The company behind the tether stablecoin is increasingly lending its own coins to customers rather than selling them upfront for hard currency. The shift adds to the risks that the company may not have enough liquid assets to pay redemptions in a crisis.
Tether Holdings Ltd. says it lends only to eligible customers and requires lenders to post lots of “extremely liquid” collateral, which can be sold for dollars if borrowers default.
These loans have appeared for several quarters in the financial reports that Tether shows on its website. In the most recent report, they reached $6.1 billion as of September 30, or 9% of the company’s total assets. They were $4.1 billion, or 5% of total assets, at the end of 2021.
Tether calls them “secured loans” and reveals little about the borrowers or the collateral accepted. Alex Welch, a Tether spokesperson, confirmed that all of the secured loans listed in the reports have been issued and denominated. The company said the loans were short-term and that Tether held the collateral.
Incorporated in the British Virgin Islands, Tether does not publish audited financial statements or a full balance sheet, leaving outsiders with an incomplete picture of the company’s financial health. “Tether’s disclosures are limited to the information contained in the said reports,” Ms. Welch said.
The rise in Tether’s borrowing represents a broad risk to the crypto world. Stablecoins like tether are anchors in the system. They are essential for trading many cryptocurrencies and are widely held by traders. The premise of tether and other stablecoins is that the issuer will always release one coin for $1. Issuers take pains to demonstrate that they have sufficient funds available to do so.
The company’s reports show only US dollar amounts for the loans and do not say the loans were made in bonds. The reports also say the loans are “fully collateralized by liquid assets.”
“I was very skeptical and in disbelief that they could get away with the lack of disclosure and with the limited transparency,” said Peter Crane, president of Crane Data, which tracks money market funds. “If you do have reserves, why wouldn’t you show them?” Both money market funds and stablecoins like tether are supposed to maintain a value of $1.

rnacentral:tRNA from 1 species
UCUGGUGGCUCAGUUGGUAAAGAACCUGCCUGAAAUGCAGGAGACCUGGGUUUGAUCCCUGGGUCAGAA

The vast majority of assets listed in Tether’s reports are in cash, treasury bonds and other safe instruments that are easily converted into dollars. Loans are different. Tether cannot be sure that the loans will be repaid, that it can sell the loans to a buyer for dollars in a pinch, or that the security it holds will be sufficient.
In times of financial stress, that uncertainty can lead investors to rush to release their bond, knowing that the last to do so may not be paid immediately. This is a version of a run on the bench.
“Eligible customers borrow USDT,” Ms. Welch said, short for tether. “Loans are too heavily collateralized by extremely liquid assets that Tether’s prudent risk management recognizes as collateral.”
Tether tokens do not pay interest, so Tether can easily profit by investing in safe, low-yielding securities such as Treasurys. Typically, lenders charge borrowers higher rates than the Treasury pays, potentially making lending more profitable. Tether does not disclose the terms of its loans.
Lending tether tokens conflicts with some of the company’s other disclosures. Its website suggests it only issues vouchers when buyers hand over a currency like the dollar. “Tether only issues new tether tokens when requested and purchased by customers,” the site says. It also says that all tokens are backed 100% by Tether’s reserves.
Tether took the unusual step of disclosing a borrower’s identity when cryptobank Celsius Network LLC collapsed in July. At the time, Tether said its “Celsius position was liquidated without any losses to Tether.”